30 October 2018

Katana or Kimono?

A play in one act. Based on actual events.

Characters: He, She, a Clerk.

A big stationery shop in Tokyo, buying a Nakaya.

The kimono? Maybe not.

HE: Among the pen community, the silk pen case is known as “the kimono”.
SHE: No Japanese would ever call that a kimono.

SHE: (Facing the clerk.) What is the name of that pen case?
CLERK: We call it “katana bukuro”.
HE: A bag for the sword?
SHE: I told you—no one in Japan calls it a kimono.
HE: Did anyone in Japan hear about pens being mightier than swords?


A “katana bukuro”, a bag for the sword. Besides the obvious meaning, it is also an ornament carried by women in their kimono at their wedding. Apparently, Japanese women needed some form of self-defense on those dire situations... The irony is that the “katana bukuro” is merely ornamental and inside there is nothing but a cylindrical cardboard instead of the traditional dagger, the “kaiken”.

The ornamental (and empty) "katana bukuro" with the elaborate knot and the two tassels.

A pen would be a better filling—provided the name of the bag changed accordingly.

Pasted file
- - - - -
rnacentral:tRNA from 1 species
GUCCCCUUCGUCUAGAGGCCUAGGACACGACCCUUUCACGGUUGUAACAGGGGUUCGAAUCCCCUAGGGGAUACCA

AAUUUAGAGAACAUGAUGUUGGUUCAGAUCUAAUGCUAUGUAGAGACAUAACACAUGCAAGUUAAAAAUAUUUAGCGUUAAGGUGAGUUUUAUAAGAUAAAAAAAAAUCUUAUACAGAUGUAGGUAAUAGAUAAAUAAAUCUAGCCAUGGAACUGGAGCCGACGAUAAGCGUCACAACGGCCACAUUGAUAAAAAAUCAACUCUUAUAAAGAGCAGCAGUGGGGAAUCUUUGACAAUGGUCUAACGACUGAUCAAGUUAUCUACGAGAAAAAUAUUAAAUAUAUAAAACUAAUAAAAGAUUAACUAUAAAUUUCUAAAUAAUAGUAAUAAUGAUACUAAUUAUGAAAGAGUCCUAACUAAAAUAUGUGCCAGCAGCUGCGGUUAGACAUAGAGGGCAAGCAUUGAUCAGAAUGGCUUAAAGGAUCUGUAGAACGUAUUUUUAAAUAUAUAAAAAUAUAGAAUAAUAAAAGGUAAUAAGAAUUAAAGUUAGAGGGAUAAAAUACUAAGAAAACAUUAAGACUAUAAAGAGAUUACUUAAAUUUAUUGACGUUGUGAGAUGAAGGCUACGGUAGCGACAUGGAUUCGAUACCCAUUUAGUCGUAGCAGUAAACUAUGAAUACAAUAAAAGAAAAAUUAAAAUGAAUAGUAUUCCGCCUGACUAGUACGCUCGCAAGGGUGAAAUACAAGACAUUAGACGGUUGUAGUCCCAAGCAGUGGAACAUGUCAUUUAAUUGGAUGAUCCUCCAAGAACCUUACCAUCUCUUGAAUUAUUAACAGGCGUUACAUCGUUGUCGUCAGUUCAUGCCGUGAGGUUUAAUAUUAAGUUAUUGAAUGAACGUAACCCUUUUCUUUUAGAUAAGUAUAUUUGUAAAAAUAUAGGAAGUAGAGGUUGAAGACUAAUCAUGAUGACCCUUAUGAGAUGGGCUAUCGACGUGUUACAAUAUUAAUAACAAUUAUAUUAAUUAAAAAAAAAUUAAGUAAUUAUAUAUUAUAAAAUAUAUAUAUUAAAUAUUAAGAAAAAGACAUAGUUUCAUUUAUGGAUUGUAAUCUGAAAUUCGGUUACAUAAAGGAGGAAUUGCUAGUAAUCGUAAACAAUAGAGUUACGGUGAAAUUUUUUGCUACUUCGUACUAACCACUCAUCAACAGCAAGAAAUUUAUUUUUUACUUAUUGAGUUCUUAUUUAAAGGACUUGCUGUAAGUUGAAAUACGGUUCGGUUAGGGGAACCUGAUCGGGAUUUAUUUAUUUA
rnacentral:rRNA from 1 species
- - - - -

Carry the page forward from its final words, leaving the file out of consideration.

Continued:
Pilot Custom Heritage 912 – Wagner 2008 ink

Bruno Taut
Shinjuku, October 30th 2018
Etiquetas: Platinum, Japón


Nikos said...

informative and wonderfully playful! So what would be the name of it then : Mannehitsu bukuro ?

Bruno Taut said...

Thanks, Nikos. A better name would be "fude ire". "Fude" is brush, but it is also a generic word for writing tool, for pen. "Ire" means container, case.

Thanks for passing by and commenting. How was the Ohio Pen Show?


Nikos said...

Thanks Bruno :) The Ohio Pen Show was fun but in regards to Japanese pens which are the core of my collection, dry. I did pick up a very nice Hakase made from celluloid & buffalo horn that Mr. Harumi Tanaka made a while back.
Will you be going to the Madrid show ?

Juan Aedo G. said...

Your blog is gold! Lovely tale

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